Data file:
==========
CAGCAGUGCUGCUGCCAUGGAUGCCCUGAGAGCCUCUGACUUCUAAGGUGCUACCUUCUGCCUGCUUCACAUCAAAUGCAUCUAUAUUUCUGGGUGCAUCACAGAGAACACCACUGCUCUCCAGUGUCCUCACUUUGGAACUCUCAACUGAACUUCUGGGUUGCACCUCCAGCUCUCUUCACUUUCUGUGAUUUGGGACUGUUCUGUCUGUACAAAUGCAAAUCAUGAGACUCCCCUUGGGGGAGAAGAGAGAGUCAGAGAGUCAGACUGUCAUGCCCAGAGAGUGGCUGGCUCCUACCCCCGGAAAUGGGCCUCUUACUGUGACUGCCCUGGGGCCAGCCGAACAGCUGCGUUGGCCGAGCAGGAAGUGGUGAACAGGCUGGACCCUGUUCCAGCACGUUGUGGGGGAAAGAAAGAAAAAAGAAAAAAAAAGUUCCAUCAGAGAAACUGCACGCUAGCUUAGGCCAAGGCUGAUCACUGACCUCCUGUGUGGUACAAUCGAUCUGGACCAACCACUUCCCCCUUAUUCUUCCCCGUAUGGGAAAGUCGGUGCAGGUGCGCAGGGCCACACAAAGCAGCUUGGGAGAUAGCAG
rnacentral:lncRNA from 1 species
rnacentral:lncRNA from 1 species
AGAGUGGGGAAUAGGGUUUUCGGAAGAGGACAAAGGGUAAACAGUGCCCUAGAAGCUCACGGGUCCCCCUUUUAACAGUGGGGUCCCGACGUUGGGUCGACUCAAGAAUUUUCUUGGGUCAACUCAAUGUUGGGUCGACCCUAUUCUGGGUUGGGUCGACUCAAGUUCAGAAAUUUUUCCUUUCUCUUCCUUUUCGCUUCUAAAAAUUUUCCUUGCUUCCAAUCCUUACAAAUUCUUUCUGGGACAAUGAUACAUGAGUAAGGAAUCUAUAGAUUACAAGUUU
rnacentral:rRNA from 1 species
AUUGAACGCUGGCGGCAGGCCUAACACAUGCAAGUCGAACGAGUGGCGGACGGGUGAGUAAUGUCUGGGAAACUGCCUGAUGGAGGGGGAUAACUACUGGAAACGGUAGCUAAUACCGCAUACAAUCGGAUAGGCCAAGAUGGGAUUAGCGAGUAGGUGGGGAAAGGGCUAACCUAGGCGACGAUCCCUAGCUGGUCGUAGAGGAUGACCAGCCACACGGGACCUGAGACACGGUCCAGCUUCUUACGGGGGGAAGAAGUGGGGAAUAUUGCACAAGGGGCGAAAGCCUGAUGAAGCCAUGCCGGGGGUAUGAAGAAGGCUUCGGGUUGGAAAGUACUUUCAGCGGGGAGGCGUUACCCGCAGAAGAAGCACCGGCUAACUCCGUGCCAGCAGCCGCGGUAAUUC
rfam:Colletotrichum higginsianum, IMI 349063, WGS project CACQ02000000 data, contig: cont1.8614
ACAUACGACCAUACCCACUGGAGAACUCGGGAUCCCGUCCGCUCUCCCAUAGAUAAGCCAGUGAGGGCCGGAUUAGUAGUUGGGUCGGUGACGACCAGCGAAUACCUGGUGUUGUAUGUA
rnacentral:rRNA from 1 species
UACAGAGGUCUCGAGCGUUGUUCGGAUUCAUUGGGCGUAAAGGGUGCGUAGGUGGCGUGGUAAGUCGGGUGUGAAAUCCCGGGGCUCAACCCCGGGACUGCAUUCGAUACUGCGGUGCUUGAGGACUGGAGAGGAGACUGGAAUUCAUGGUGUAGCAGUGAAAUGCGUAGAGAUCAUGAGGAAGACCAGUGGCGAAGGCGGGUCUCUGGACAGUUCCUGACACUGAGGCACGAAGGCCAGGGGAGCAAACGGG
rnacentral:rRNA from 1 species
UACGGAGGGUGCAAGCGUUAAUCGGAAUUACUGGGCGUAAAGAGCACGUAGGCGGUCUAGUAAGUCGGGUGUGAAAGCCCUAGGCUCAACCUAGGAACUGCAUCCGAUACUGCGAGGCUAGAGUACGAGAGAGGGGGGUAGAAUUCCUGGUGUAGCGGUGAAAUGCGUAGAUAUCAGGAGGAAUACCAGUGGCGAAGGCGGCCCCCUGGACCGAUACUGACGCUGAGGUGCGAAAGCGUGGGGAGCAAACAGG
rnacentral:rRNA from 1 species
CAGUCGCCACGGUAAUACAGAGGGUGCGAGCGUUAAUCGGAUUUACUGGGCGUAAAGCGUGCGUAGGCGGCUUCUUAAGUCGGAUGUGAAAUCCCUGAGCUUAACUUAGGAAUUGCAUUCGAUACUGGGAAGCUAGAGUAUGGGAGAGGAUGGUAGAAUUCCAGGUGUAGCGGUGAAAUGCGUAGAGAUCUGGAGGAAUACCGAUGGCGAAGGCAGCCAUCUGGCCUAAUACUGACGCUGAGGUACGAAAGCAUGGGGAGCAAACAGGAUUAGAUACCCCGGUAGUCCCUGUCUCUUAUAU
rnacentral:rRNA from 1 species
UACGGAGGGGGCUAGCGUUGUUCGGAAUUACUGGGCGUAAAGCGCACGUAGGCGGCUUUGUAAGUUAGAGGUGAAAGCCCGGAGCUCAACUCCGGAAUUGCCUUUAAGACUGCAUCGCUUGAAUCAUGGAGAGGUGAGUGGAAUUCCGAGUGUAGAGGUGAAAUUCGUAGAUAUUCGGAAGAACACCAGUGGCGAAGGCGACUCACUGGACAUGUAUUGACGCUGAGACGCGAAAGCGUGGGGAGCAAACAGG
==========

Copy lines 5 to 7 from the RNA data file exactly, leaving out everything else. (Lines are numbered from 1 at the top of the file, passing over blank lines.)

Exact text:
rnacentral:rRNA from 1 species
AUUGAACGCUGGCGGCAGGCCUAACACAUGCAAGUCGAACGAGUGGCGGACGGGUGAGUAAUGUCUGGGAAACUGCCUGAUGGAGGGGGAUAACUACUGGAAACGGUAGCUAAUACCGCAUACAAUCGGAUAGGCCAAGAUGGGAUUAGCGAGUAGGUGGGGAAAGGGCUAACCUAGGCGACGAUCCCUAGCUGGUCGUAGAGGAUGACCAGCCACACGGGACCUGAGACACGGUCCAGCUUCUUACGGGGGGAAGAAGUGGGGAAUAUUGCACAAGGGGCGAAAGCCUGAUGAAGCCAUGCCGGGGGUAUGAAGAAGGCUUCGGGUUGGAAAGUACUUUCAGCGGGGAGGCGUUACCCGCAGAAGAAGCACCGGCUAACUCCGUGCCAGCAGCCGCGGUAAUUC
rfam:Colletotrichum higginsianum, IMI 349063, WGS project CACQ02000000 data, contig: cont1.8614